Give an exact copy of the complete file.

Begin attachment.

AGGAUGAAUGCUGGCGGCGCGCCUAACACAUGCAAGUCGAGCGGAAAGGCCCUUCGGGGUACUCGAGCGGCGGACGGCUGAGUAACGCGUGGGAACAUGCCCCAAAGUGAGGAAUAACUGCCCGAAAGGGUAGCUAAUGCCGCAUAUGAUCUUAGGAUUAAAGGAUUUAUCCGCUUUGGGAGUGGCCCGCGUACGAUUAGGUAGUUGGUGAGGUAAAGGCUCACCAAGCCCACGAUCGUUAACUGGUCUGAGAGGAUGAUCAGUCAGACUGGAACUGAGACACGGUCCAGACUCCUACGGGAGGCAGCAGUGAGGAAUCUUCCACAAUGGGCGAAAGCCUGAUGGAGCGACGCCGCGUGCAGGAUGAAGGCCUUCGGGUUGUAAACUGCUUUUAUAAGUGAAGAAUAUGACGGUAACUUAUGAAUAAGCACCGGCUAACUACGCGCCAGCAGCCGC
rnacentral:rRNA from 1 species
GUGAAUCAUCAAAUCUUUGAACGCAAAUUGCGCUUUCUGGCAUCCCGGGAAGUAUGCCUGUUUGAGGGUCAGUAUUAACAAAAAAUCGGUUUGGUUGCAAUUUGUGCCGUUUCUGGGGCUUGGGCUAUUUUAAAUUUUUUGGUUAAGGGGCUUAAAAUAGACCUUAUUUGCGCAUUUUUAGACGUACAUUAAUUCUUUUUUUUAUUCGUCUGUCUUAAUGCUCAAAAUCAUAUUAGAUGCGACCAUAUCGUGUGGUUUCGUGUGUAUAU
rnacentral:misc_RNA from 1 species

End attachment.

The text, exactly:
AGGAUGAAUGCUGGCGGCGCGCCUAACACAUGCAAGUCGAGCGGAAAGGCCCUUCGGGGUACUCGAGCGGCGGACGGCUGAGUAACGCGUGGGAACAUGCCCCAAAGUGAGGAAUAACUGCCCGAAAGGGUAGCUAAUGCCGCAUAUGAUCUUAGGAUUAAAGGAUUUAUCCGCUUUGGGAGUGGCCCGCGUACGAUUAGGUAGUUGGUGAGGUAAAGGCUCACCAAGCCCACGAUCGUUAACUGGUCUGAGAGGAUGAUCAGUCAGACUGGAACUGAGACACGGUCCAGACUCCUACGGGAGGCAGCAGUGAGGAAUCUUCCACAAUGGGCGAAAGCCUGAUGGAGCGACGCCGCGUGCAGGAUGAAGGCCUUCGGGUUGUAAACUGCUUUUAUAAGUGAAGAAUAUGACGGUAACUUAUGAAUAAGCACCGGCUAACUACGCGCCAGCAGCCGC
rnacentral:rRNA from 1 species
GUGAAUCAUCAAAUCUUUGAACGCAAAUUGCGCUUUCUGGCAUCCCGGGAAGUAUGCCUGUUUGAGGGUCAGUAUUAACAAAAAAUCGGUUUGGUUGCAAUUUGUGCCGUUUCUGGGGCUUGGGCUAUUUUAAAUUUUUUGGUUAAGGGGCUUAAAAUAGACCUUAUUUGCGCAUUUUUAGACGUACAUUAAUUCUUUUUUUUAUUCGUCUGUCUUAAUGCUCAAAAUCAUAUUAGAUGCGACCAUAUCGUGUGGUUUCGUGUGUAUAU
rnacentral:misc_RNA from 1 species